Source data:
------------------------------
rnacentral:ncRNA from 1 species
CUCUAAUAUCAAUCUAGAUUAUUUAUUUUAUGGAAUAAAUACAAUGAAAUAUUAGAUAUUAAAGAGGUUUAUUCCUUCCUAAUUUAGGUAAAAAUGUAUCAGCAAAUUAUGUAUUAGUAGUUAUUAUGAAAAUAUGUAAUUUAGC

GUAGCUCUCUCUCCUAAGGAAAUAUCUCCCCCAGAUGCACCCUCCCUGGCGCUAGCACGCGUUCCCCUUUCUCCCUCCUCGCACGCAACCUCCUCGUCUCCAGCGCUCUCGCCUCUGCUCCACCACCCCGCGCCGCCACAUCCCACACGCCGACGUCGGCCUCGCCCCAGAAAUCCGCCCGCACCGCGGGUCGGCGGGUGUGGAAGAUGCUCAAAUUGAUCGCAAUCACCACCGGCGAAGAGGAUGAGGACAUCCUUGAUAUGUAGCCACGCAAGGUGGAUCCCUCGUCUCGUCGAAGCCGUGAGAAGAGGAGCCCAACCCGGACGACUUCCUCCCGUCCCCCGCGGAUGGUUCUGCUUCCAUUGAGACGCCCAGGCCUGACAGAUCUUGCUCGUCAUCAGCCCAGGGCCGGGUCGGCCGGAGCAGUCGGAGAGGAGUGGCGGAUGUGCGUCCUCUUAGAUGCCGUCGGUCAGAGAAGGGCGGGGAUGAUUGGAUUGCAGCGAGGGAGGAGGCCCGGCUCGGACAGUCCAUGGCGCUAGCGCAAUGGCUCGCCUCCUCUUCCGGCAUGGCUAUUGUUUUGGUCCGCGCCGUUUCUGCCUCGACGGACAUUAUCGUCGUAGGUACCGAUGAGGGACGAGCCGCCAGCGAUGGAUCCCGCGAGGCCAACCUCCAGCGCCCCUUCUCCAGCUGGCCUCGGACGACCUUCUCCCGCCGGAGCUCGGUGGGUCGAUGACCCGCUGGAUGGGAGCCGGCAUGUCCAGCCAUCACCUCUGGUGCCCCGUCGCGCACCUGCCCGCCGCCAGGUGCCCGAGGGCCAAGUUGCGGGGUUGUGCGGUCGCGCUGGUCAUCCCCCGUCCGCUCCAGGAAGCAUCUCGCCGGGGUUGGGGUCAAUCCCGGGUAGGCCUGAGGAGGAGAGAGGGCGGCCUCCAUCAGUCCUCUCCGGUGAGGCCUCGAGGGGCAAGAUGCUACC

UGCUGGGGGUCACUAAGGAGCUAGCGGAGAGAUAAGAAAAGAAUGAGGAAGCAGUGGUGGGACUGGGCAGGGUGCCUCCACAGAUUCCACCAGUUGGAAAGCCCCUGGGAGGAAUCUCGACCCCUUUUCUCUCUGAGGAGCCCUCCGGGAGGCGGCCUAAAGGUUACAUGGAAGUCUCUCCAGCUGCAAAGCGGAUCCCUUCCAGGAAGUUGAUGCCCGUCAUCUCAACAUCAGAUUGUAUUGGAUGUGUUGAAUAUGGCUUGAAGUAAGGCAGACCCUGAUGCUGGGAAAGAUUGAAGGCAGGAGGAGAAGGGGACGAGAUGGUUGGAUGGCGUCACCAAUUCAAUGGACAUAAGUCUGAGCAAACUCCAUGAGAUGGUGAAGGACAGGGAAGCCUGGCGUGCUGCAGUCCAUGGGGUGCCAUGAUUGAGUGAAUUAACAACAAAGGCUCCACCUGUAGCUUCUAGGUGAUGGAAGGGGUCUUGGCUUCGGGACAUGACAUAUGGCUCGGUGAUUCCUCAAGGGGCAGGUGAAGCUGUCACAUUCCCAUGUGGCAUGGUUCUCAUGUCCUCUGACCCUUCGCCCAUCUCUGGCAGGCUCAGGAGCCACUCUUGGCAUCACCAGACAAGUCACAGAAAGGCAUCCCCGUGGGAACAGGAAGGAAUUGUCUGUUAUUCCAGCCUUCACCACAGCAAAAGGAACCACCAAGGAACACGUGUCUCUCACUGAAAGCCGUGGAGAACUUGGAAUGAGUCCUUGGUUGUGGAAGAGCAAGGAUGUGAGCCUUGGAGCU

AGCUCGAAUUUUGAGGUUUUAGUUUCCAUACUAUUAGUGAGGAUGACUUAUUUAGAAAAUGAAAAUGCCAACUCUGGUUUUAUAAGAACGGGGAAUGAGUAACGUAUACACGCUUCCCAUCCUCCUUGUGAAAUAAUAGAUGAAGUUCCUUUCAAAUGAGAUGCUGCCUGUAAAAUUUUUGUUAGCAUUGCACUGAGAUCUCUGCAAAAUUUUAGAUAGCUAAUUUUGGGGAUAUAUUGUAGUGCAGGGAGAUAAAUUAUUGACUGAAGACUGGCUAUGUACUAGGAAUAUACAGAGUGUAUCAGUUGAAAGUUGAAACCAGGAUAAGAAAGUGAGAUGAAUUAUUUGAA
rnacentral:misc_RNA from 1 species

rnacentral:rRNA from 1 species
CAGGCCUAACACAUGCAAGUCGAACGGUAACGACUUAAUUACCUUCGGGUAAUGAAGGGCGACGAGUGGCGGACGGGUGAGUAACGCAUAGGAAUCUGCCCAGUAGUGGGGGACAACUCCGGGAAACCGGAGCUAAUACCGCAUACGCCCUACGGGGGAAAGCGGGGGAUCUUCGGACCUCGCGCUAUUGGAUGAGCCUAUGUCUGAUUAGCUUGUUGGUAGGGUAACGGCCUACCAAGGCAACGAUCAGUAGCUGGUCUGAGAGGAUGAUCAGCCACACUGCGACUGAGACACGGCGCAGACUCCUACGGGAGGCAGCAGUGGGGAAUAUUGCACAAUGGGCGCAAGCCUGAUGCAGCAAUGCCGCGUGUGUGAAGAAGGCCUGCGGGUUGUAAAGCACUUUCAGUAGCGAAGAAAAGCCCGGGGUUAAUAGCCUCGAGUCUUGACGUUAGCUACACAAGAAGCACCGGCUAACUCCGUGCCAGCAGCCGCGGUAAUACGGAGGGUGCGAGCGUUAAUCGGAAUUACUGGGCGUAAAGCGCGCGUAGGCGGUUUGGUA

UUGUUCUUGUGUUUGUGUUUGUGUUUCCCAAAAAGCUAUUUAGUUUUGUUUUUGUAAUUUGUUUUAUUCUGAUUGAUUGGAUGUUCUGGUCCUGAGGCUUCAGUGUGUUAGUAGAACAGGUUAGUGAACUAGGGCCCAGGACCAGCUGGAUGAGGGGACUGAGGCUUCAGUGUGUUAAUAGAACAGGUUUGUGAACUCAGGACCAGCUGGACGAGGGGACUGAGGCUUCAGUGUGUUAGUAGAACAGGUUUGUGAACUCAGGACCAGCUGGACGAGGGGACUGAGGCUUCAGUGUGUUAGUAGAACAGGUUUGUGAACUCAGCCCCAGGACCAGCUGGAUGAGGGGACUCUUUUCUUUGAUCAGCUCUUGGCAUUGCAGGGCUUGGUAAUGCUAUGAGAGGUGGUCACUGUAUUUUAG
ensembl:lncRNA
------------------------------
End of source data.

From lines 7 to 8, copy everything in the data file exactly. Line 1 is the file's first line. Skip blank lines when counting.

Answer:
rnacentral:rRNA from 1 species
CAGGCCUAACACAUGCAAGUCGAACGGUAACGACUUAAUUACCUUCGGGUAAUGAAGGGCGACGAGUGGCGGACGGGUGAGUAACGCAUAGGAAUCUGCCCAGUAGUGGGGGACAACUCCGGGAAACCGGAGCUAAUACCGCAUACGCCCUACGGGGGAAAGCGGGGGAUCUUCGGACCUCGCGCUAUUGGAUGAGCCUAUGUCUGAUUAGCUUGUUGGUAGGGUAACGGCCUACCAAGGCAACGAUCAGUAGCUGGUCUGAGAGGAUGAUCAGCCACACUGCGACUGAGACACGGCGCAGACUCCUACGGGAGGCAGCAGUGGGGAAUAUUGCACAAUGGGCGCAAGCCUGAUGCAGCAAUGCCGCGUGUGUGAAGAAGGCCUGCGGGUUGUAAAGCACUUUCAGUAGCGAAGAAAAGCCCGGGGUUAAUAGCCUCGAGUCUUGACGUUAGCUACACAAGAAGCACCGGCUAACUCCGUGCCAGCAGCCGCGGUAAUACGGAGGGUGCGAGCGUUAAUCGGAAUUACUGGGCGUAAAGCGCGCGUAGGCGGUUUGGUA